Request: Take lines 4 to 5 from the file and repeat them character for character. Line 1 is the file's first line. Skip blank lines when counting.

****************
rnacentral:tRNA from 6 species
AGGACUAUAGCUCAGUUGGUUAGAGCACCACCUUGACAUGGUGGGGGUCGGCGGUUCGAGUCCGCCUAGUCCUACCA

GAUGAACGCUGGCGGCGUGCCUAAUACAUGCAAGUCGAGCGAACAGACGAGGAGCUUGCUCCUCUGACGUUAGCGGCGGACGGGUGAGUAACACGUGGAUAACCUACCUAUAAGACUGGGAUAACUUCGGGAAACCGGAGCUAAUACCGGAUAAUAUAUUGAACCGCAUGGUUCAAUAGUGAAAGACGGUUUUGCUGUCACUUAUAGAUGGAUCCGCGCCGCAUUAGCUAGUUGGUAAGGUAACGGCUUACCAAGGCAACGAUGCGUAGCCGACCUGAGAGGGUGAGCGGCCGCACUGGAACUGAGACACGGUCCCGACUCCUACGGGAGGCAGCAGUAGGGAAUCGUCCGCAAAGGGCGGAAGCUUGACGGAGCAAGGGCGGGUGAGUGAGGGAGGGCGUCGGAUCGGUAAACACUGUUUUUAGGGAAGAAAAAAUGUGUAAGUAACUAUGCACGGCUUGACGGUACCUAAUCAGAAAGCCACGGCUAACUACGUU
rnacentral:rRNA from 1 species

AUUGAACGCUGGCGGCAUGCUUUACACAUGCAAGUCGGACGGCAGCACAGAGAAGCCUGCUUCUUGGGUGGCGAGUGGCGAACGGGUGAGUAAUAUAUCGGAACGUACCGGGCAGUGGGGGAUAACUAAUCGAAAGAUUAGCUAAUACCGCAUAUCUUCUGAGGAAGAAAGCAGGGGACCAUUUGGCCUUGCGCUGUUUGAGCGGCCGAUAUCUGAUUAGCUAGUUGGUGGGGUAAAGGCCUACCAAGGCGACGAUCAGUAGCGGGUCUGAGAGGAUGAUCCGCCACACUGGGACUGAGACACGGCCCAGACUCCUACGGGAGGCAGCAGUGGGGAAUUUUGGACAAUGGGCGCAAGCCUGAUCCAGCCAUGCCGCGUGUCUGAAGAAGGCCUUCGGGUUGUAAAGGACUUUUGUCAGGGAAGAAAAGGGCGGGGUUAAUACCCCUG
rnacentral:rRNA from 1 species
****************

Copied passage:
rnacentral:rRNA from 1 species

AUUGAACGCUGGCGGCAUGCUUUACACAUGCAAGUCGGACGGCAGCACAGAGAAGCCUGCUUCUUGGGUGGCGAGUGGCGAACGGGUGAGUAAUAUAUCGGAACGUACCGGGCAGUGGGGGAUAACUAAUCGAAAGAUUAGCUAAUACCGCAUAUCUUCUGAGGAAGAAAGCAGGGGACCAUUUGGCCUUGCGCUGUUUGAGCGGCCGAUAUCUGAUUAGCUAGUUGGUGGGGUAAAGGCCUACCAAGGCGACGAUCAGUAGCGGGUCUGAGAGGAUGAUCCGCCACACUGGGACUGAGACACGGCCCAGACUCCUACGGGAGGCAGCAGUGGGGAAUUUUGGACAAUGGGCGCAAGCCUGAUCCAGCCAUGCCGCGUGUCUGAAGAAGGCCUUCGGGUUGUAAAGGACUUUUGUCAGGGAAGAAAAGGGCGGGGUUAAUACCCCUG